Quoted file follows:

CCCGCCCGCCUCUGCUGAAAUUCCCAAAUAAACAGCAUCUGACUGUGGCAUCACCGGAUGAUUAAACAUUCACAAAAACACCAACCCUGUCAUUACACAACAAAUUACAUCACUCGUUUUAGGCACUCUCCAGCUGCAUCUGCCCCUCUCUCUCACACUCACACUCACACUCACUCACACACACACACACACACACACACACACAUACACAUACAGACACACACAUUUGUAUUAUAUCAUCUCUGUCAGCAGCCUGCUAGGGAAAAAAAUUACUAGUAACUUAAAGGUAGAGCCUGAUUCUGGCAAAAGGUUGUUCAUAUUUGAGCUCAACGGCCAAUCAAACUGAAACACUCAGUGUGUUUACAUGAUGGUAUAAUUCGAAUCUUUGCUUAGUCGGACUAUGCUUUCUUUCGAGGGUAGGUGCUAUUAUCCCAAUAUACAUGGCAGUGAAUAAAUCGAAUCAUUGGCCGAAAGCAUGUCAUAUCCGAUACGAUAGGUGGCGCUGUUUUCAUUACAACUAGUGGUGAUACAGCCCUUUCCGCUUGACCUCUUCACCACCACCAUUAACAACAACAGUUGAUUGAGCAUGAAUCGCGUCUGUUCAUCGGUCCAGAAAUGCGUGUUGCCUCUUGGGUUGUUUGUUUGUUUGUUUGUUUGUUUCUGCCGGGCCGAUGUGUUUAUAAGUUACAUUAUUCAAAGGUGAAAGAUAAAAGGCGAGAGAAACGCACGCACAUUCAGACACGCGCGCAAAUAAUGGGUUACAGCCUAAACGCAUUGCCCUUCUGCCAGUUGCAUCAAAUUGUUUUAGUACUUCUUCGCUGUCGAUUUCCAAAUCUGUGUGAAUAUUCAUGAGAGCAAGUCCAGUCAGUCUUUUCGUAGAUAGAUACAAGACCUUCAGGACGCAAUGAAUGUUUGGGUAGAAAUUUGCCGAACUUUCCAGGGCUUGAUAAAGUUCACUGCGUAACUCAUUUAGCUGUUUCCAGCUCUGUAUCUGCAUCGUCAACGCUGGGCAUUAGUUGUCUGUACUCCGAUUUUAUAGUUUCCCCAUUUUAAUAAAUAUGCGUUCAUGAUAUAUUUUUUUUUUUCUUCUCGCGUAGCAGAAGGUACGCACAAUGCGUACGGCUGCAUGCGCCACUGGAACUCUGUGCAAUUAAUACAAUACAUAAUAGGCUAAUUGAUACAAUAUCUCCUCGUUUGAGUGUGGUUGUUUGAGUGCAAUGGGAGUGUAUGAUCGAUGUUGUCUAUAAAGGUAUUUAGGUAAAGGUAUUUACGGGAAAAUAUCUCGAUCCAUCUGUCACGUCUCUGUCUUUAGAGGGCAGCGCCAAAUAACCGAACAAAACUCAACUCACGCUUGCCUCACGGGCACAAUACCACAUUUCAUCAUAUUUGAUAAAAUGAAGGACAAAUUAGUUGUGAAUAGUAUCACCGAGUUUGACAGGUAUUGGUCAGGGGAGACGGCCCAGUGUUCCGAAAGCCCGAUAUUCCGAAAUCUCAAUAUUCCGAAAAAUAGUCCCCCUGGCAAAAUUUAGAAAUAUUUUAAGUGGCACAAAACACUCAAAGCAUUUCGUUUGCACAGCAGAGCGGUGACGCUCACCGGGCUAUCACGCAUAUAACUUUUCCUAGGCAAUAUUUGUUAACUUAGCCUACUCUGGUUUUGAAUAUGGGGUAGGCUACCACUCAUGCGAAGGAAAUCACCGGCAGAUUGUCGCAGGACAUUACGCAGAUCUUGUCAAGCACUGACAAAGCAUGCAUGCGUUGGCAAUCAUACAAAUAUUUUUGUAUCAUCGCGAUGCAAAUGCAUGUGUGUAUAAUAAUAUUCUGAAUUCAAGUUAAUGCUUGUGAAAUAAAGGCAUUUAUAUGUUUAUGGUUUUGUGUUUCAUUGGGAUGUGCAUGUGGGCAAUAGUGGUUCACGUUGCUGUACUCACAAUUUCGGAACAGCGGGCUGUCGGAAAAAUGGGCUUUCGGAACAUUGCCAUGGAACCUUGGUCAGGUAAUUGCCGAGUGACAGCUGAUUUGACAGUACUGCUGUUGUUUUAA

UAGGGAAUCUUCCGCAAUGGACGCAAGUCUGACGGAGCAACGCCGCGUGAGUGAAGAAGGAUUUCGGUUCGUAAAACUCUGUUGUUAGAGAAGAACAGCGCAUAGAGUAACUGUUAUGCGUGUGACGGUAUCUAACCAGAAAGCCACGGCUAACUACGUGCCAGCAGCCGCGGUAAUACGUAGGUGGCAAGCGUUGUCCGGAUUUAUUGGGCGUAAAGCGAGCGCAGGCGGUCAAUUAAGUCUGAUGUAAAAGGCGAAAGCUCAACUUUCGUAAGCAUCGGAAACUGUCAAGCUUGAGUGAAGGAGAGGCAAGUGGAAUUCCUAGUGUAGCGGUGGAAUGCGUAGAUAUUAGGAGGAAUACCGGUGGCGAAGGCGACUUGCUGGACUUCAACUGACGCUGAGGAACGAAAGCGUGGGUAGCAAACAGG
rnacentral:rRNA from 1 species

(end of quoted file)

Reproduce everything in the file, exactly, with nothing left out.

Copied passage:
CCCGCCCGCCUCUGCUGAAAUUCCCAAAUAAACAGCAUCUGACUGUGGCAUCACCGGAUGAUUAAACAUUCACAAAAACACCAACCCUGUCAUUACACAACAAAUUACAUCACUCGUUUUAGGCACUCUCCAGCUGCAUCUGCCCCUCUCUCUCACACUCACACUCACACUCACUCACACACACACACACACACACACACACACAUACACAUACAGACACACACAUUUGUAUUAUAUCAUCUCUGUCAGCAGCCUGCUAGGGAAAAAAAUUACUAGUAACUUAAAGGUAGAGCCUGAUUCUGGCAAAAGGUUGUUCAUAUUUGAGCUCAACGGCCAAUCAAACUGAAACACUCAGUGUGUUUACAUGAUGGUAUAAUUCGAAUCUUUGCUUAGUCGGACUAUGCUUUCUUUCGAGGGUAGGUGCUAUUAUCCCAAUAUACAUGGCAGUGAAUAAAUCGAAUCAUUGGCCGAAAGCAUGUCAUAUCCGAUACGAUAGGUGGCGCUGUUUUCAUUACAACUAGUGGUGAUACAGCCCUUUCCGCUUGACCUCUUCACCACCACCAUUAACAACAACAGUUGAUUGAGCAUGAAUCGCGUCUGUUCAUCGGUCCAGAAAUGCGUGUUGCCUCUUGGGUUGUUUGUUUGUUUGUUUGUUUGUUUCUGCCGGGCCGAUGUGUUUAUAAGUUACAUUAUUCAAAGGUGAAAGAUAAAAGGCGAGAGAAACGCACGCACAUUCAGACACGCGCGCAAAUAAUGGGUUACAGCCUAAACGCAUUGCCCUUCUGCCAGUUGCAUCAAAUUGUUUUAGUACUUCUUCGCUGUCGAUUUCCAAAUCUGUGUGAAUAUUCAUGAGAGCAAGUCCAGUCAGUCUUUUCGUAGAUAGAUACAAGACCUUCAGGACGCAAUGAAUGUUUGGGUAGAAAUUUGCCGAACUUUCCAGGGCUUGAUAAAGUUCACUGCGUAACUCAUUUAGCUGUUUCCAGCUCUGUAUCUGCAUCGUCAACGCUGGGCAUUAGUUGUCUGUACUCCGAUUUUAUAGUUUCCCCAUUUUAAUAAAUAUGCGUUCAUGAUAUAUUUUUUUUUUUCUUCUCGCGUAGCAGAAGGUACGCACAAUGCGUACGGCUGCAUGCGCCACUGGAACUCUGUGCAAUUAAUACAAUACAUAAUAGGCUAAUUGAUACAAUAUCUCCUCGUUUGAGUGUGGUUGUUUGAGUGCAAUGGGAGUGUAUGAUCGAUGUUGUCUAUAAAGGUAUUUAGGUAAAGGUAUUUACGGGAAAAUAUCUCGAUCCAUCUGUCACGUCUCUGUCUUUAGAGGGCAGCGCCAAAUAACCGAACAAAACUCAACUCACGCUUGCCUCACGGGCACAAUACCACAUUUCAUCAUAUUUGAUAAAAUGAAGGACAAAUUAGUUGUGAAUAGUAUCACCGAGUUUGACAGGUAUUGGUCAGGGGAGACGGCCCAGUGUUCCGAAAGCCCGAUAUUCCGAAAUCUCAAUAUUCCGAAAAAUAGUCCCCCUGGCAAAAUUUAGAAAUAUUUUAAGUGGCACAAAACACUCAAAGCAUUUCGUUUGCACAGCAGAGCGGUGACGCUCACCGGGCUAUCACGCAUAUAACUUUUCCUAGGCAAUAUUUGUUAACUUAGCCUACUCUGGUUUUGAAUAUGGGGUAGGCUACCACUCAUGCGAAGGAAAUCACCGGCAGAUUGUCGCAGGACAUUACGCAGAUCUUGUCAAGCACUGACAAAGCAUGCAUGCGUUGGCAAUCAUACAAAUAUUUUUGUAUCAUCGCGAUGCAAAUGCAUGUGUGUAUAAUAAUAUUCUGAAUUCAAGUUAAUGCUUGUGAAAUAAAGGCAUUUAUAUGUUUAUGGUUUUGUGUUUCAUUGGGAUGUGCAUGUGGGCAAUAGUGGUUCACGUUGCUGUACUCACAAUUUCGGAACAGCGGGCUGUCGGAAAAAUGGGCUUUCGGAACAUUGCCAUGGAACCUUGGUCAGGUAAUUGCCGAGUGACAGCUGAUUUGACAGUACUGCUGUUGUUUUAA

UAGGGAAUCUUCCGCAAUGGACGCAAGUCUGACGGAGCAACGCCGCGUGAGUGAAGAAGGAUUUCGGUUCGUAAAACUCUGUUGUUAGAGAAGAACAGCGCAUAGAGUAACUGUUAUGCGUGUGACGGUAUCUAACCAGAAAGCCACGGCUAACUACGUGCCAGCAGCCGCGGUAAUACGUAGGUGGCAAGCGUUGUCCGGAUUUAUUGGGCGUAAAGCGAGCGCAGGCGGUCAAUUAAGUCUGAUGUAAAAGGCGAAAGCUCAACUUUCGUAAGCAUCGGAAACUGUCAAGCUUGAGUGAAGGAGAGGCAAGUGGAAUUCCUAGUGUAGCGGUGGAAUGCGUAGAUAUUAGGAGGAAUACCGGUGGCGAAGGCGACUUGCUGGACUUCAACUGACGCUGAGGAACGAAAGCGUGGGUAGCAAACAGG
rnacentral:rRNA from 1 species